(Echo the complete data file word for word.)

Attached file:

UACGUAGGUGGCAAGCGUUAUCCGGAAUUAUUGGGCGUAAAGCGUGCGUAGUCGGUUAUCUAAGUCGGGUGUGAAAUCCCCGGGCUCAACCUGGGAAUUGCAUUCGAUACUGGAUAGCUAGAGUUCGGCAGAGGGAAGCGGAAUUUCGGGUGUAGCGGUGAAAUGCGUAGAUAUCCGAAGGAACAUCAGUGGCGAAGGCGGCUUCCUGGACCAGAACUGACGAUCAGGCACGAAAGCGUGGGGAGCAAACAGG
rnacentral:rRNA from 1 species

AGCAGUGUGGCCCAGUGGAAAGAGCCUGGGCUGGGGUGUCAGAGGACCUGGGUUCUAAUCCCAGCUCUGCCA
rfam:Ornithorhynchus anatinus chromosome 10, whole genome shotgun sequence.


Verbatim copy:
UACGUAGGUGGCAAGCGUUAUCCGGAAUUAUUGGGCGUAAAGCGUGCGUAGUCGGUUAUCUAAGUCGGGUGUGAAAUCCCCGGGCUCAACCUGGGAAUUGCAUUCGAUACUGGAUAGCUAGAGUUCGGCAGAGGGAAGCGGAAUUUCGGGUGUAGCGGUGAAAUGCGUAGAUAUCCGAAGGAACAUCAGUGGCGAAGGCGGCUUCCUGGACCAGAACUGACGAUCAGGCACGAAAGCGUGGGGAGCAAACAGG
rnacentral:rRNA from 1 species

AGCAGUGUGGCCCAGUGGAAAGAGCCUGGGCUGGGGUGUCAGAGGACCUGGGUUCUAAUCCCAGCUCUGCCA
rfam:Ornithorhynchus anatinus chromosome 10, whole genome shotgun sequence.